Overall, Thailand is not an expensive place for traveling. 100 THB is enough for a street food meal, a cup of coffee at a comfortable café, or even some small souvenirs. A one-day metro pass in Bangkok, good for riding all over the city, is 120 Baht.

Accommodations are the most significant cost for most travelers. Hotel prices vary by season. On average, staying at a 3-5 star hotel costs between 50 and 300 USD a night. In the low tourist season, comfortable 3-star rooms can be found for as low as 30 USD a night.

Food can be very inexpensive in Thailand. Street food, which is delicious and a must-try, usually costs between 1-3 USD per person, and small local eateries are only 2-4 USD. The occasional more formal meal will cost 10-15 USD. For 15-25 USD a day, you can great local food.

Tickets for major tourist attractions in Thailand are mostly inexpensive. One of the most expensive is the Grand Palace in Bangkok, which costs 500 Baht (14 USD). Most museums and historical parks cost around 100-150 Baht. The famous Wat Arun in Bangkok is only 50 Baht (1.5 USD).

Do I Need to Tip when Traveling around Thailand?

Tipping is always appreciated but usually not necessary in Thailand. The local custom is not to tip, so service staff won't complain if they don't receive anything extra.

At street food stalls, no tip is expected. More expensive restaurants often have a service fee included, if not, a 5-10% tip is appropriate. When eating at small local eateries, consider leaving 20-50 Baht as a sign of appreciation.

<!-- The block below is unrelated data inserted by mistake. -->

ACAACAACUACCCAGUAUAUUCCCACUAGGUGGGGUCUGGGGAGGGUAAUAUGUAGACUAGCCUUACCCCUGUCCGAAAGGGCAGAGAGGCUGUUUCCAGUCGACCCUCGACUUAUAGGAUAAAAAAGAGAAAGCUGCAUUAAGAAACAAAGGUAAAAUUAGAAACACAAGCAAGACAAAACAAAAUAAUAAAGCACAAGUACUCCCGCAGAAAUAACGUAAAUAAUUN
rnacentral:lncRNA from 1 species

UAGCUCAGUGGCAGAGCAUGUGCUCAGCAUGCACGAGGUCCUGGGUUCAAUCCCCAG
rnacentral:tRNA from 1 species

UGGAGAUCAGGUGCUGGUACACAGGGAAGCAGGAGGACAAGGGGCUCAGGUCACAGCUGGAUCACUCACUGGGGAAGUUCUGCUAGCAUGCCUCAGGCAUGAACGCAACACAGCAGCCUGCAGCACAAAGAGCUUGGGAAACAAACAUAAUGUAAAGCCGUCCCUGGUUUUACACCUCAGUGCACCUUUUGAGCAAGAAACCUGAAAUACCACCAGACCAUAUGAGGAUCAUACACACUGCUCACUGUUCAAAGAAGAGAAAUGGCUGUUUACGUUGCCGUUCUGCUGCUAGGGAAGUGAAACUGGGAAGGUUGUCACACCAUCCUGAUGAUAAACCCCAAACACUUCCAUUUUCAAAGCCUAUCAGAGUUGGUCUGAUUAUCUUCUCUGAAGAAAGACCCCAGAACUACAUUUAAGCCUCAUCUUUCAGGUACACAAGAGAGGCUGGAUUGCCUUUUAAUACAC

The rule of thumb for taxis and tuk-tuks is to round to the nearest denomination. It's a nice gesture that saves time and spares you from collecting a pile of coins during your trip.

Tipping a tour guide or for a massage is a good idea. 50-100 Baht is an appropriate amount. Hotel service staff can be given a tip of 20-50 Baht for porters and 50 Baht per day for the maid at luxury hotels.

More Tips for Payment in Thailand

1. Contact your bank beforehand and let them know you are traveling to avoid transactions being flagged as suspicious.
2. Carry small bills for local transportation and souvenir shopping in markets.
3. To avoid overpaying for taxis, use taxis with meters or negotiate the price in advance. Reliable apps such as Grab allow for online payment.
4. When changing money, don't use the first place you see. Checking around at a few locations will help you get the best rate.
5. If the price of something seems too good to be true, it is probably a scam. Use common sense when making purchases.


Thailand is a convenient place for shopping and payment. Tourism is an important part of the local economy, and tourists have an easy time shopping there. For cash, local currency is best, but credit cards are widely accepted.

Plan on using a mix of payment methods to cover all the bases. Prices are usually reasonable, and you can get a lot of value for what you buy during your tour of Thailand. Find out more about our Thailand tours, or contact us anytime for more information.